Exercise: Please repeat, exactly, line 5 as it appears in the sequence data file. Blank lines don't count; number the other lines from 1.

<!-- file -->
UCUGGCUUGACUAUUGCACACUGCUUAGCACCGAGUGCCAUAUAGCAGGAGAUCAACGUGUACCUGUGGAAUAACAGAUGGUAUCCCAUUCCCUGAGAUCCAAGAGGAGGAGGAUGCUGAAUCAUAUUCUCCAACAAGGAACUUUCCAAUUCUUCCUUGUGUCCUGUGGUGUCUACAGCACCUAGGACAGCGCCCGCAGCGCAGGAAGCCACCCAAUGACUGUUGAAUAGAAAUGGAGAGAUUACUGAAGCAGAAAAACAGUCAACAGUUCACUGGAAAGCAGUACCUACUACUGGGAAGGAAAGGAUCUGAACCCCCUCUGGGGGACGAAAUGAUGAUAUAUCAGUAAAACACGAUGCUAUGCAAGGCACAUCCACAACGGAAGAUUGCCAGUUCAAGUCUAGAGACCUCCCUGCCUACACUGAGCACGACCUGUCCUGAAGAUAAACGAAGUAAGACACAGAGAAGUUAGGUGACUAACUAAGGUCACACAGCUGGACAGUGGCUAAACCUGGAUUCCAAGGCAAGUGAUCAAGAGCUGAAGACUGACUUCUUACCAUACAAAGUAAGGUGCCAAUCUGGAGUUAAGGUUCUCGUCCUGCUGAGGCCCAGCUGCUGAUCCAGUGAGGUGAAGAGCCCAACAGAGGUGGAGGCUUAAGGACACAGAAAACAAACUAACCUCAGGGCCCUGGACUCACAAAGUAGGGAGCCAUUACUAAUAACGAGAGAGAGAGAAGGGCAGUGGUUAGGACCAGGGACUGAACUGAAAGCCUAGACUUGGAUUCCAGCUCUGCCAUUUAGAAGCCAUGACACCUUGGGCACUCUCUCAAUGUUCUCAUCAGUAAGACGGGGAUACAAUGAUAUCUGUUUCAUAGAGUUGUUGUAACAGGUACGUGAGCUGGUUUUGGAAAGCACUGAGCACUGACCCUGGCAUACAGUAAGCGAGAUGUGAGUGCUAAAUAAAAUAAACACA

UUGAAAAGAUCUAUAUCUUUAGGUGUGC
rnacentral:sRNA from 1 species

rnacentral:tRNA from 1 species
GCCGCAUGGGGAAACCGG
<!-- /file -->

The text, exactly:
GCCGCAUGGGGAAACCGG